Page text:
Some software company is using prisoners to test out their virtual reality program (and the virtual characters within).  Parker Barnes (Denzel Washington) and John Donovan (Costas Mandylor) are policeman, tracking down a serial killer named SID (Russell Crowe), but something goes wrong, and SID is able to actually kill Donovan.  Parker is sent back to prison, and his whole "troubled past" thing comes out in whole pretty quickly, waiting only for Parker to get into a prison fight with a white supremacist buddy of Donovan's.  And since this was made in the 1990s, the software people are complete sociopaths, and one of them figures out a way to make SID real, and sets him loose on Los Angeles.  At this point, everyone figures that Parker is the only man who has any real experience with SID, so they bust him out of the pokey and give him back his badge, and he and this psychiatrist chick, Dr. Madison Carter (Kelly Lynch) team up to chase SID down.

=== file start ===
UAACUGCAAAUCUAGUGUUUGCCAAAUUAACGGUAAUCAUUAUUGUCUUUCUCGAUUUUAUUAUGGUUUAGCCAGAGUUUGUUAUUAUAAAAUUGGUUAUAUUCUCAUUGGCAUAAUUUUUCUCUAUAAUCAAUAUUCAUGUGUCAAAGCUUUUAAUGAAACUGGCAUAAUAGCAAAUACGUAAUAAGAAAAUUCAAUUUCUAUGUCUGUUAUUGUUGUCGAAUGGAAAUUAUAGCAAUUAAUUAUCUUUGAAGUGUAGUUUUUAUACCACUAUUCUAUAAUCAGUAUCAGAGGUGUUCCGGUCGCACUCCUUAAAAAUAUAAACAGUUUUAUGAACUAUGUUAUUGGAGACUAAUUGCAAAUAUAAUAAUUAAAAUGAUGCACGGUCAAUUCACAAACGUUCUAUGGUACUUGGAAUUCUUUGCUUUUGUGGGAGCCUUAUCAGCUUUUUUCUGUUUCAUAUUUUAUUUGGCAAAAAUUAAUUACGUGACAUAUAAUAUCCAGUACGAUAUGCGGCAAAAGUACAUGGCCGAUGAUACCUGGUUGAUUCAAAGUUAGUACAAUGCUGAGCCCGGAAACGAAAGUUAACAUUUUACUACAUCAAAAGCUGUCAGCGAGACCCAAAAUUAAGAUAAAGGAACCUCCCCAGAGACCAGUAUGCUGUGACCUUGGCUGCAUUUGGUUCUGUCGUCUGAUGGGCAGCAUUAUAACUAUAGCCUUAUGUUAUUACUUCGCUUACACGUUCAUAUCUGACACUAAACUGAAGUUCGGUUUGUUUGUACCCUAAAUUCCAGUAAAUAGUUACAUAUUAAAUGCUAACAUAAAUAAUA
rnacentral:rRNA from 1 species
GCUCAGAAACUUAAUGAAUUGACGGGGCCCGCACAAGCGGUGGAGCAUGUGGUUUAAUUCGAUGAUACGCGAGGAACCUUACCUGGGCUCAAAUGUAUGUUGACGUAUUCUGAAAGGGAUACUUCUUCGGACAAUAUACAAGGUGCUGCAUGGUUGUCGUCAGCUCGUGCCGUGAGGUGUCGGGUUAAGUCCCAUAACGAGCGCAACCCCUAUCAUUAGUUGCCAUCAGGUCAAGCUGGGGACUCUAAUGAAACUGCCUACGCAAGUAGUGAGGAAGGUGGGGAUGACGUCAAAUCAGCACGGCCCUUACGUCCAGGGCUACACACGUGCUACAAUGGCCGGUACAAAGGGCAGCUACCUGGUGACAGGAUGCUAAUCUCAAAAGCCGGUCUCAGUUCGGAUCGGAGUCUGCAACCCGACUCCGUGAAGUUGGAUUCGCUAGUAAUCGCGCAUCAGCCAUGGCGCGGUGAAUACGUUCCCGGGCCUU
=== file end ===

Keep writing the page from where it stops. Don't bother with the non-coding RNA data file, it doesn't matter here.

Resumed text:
The main positives here are that Denzel Washington is pretty good at what he does (acting, in case you wondered), and so is Russell Crowe.  I don't remember ever having seen Crowe before "L.A. Confidential," and I'm not sure that his being the main villain made any difference to audiences back then, but even here Crowe is clearly a movie star just waiting to blow up.  There's also quite a bit of gloss to this film, and you might consider the first chunk of "Virtuosity" to be a precursor to "Crank," in blending life and gaming in a feature film.